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Publication numberUS4422030 A
Publication typeGrant
Application numberUS 06/301,423
Publication dateDec 20, 1983
Filing dateSep 11, 1981
Priority dateAug 15, 1980
Fee statusLapsed
Publication number06301423, 301423, US 4422030 A, US 4422030A, US-A-4422030, US4422030 A, US4422030A
InventorsRaymond J. McAllise
Original AssigneeMcallise Raymond J
Export CitationBiBTeX, EndNote, RefMan
External Links: USPTO, USPTO Assignment, Espacenet
A.C. Motor control
US 4422030 A
Abstract
A control for an A.C. motor operates to feed a high average value of voltage to the motor during a starting period of predetermined duration and to then automatically switch the voltage supplied the motor to a lower average voltage of substantially fixed value. This lower value of average voltage is determined without feedback to the control circuit. The control may be designed for use with single phase or multiple phase motors and for motors of various different power ratings.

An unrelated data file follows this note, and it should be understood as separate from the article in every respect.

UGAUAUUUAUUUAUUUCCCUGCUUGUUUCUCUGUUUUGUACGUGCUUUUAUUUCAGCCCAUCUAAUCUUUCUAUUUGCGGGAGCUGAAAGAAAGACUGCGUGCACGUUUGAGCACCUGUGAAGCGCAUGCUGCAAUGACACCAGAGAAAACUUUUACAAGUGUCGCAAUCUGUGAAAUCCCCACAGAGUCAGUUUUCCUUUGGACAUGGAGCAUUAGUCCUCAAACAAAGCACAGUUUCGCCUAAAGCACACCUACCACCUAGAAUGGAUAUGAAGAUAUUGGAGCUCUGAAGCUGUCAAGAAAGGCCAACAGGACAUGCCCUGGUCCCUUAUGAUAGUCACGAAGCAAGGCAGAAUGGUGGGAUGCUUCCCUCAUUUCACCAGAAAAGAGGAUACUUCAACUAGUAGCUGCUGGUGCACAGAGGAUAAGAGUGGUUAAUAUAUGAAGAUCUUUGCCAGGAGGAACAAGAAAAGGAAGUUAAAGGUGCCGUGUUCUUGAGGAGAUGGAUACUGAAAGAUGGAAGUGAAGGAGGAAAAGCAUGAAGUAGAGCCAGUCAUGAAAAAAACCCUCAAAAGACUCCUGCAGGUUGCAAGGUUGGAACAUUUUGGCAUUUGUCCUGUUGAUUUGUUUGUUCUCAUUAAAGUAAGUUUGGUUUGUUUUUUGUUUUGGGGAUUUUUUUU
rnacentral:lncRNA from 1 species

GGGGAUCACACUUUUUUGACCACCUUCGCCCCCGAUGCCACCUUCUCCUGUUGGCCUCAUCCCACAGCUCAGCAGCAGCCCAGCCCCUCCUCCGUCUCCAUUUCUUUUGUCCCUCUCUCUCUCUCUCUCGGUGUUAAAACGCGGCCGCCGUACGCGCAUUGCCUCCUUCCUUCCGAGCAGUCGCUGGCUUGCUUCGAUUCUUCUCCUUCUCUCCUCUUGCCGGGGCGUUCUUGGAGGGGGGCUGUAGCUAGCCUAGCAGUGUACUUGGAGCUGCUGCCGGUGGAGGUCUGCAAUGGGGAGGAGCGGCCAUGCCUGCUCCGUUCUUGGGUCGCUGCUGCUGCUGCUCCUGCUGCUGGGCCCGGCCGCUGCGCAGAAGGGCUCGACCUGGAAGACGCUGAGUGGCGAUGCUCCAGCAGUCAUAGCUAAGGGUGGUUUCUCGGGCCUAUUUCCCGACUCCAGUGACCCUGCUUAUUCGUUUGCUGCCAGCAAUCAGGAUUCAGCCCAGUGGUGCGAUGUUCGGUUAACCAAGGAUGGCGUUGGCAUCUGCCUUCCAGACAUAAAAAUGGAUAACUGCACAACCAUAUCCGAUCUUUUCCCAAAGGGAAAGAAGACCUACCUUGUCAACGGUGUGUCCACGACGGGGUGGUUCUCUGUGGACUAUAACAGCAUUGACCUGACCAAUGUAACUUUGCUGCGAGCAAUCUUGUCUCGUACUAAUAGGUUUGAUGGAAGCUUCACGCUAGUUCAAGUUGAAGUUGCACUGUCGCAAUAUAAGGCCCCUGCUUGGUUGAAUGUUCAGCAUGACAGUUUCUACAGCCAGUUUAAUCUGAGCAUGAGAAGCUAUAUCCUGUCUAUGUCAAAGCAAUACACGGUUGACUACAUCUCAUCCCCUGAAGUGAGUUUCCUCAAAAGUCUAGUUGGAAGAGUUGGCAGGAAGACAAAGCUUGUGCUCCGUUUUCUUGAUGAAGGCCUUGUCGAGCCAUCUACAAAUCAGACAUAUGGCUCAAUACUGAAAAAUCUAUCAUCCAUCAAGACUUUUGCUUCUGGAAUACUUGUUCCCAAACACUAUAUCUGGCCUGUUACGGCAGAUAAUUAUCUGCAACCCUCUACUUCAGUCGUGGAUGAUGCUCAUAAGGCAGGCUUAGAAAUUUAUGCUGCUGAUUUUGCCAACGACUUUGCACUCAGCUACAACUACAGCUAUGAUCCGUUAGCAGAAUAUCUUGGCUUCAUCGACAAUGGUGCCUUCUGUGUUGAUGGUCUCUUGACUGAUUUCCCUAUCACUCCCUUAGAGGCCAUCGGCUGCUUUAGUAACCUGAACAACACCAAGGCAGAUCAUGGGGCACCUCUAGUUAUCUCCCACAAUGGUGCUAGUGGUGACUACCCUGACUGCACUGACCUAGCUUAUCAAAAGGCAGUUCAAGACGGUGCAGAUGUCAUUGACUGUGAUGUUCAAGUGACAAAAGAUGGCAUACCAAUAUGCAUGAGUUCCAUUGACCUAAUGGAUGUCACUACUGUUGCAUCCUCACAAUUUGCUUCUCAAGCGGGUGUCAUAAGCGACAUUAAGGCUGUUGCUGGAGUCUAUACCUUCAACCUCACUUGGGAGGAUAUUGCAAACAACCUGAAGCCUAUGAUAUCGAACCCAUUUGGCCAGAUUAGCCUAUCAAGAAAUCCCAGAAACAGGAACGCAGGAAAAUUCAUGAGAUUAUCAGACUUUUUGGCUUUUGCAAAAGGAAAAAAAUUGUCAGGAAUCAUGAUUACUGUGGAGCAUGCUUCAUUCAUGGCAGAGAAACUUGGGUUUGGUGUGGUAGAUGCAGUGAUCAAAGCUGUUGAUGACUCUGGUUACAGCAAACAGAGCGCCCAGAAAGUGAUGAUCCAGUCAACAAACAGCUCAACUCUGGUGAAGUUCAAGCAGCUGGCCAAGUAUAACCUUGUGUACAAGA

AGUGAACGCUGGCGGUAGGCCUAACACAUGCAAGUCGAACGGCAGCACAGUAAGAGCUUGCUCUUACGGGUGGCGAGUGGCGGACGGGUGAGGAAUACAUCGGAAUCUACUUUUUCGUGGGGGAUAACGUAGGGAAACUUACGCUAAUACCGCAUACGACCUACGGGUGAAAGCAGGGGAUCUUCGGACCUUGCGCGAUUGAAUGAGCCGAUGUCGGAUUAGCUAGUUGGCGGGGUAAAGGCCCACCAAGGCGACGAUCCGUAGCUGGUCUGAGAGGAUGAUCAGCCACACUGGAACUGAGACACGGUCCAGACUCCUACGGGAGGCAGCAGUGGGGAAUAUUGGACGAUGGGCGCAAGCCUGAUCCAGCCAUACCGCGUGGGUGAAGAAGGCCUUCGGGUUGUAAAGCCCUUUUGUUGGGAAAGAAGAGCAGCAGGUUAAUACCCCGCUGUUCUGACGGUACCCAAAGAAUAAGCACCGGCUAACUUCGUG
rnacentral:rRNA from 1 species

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Claims(43)
I claim:
1. A motor control in combination with a motor and a source of substantially constant frequency and substantially constant voltage A.C. power, said motor control comprising terminals connecting it in circuit with said motor and with said source of A.C. power, a main switching means switchable between ON and OFF conditions, and control means responsive to the switching of said main switching means from its OFF to its ON condition and operable while said A.C. source remains at its substantially constant frequency and its substantially constant voltage for first feeding power from said source to said motor at a high average voltage during a starting period of some duration and for automatically thereafter feeding power from said source to said motor at a lower average voltage of fixed value which is maintained for so long as said main switching means remains in its ON condition, said high average voltage at least at the very beginning of said starting period being equal to the average value of the voltage of said source.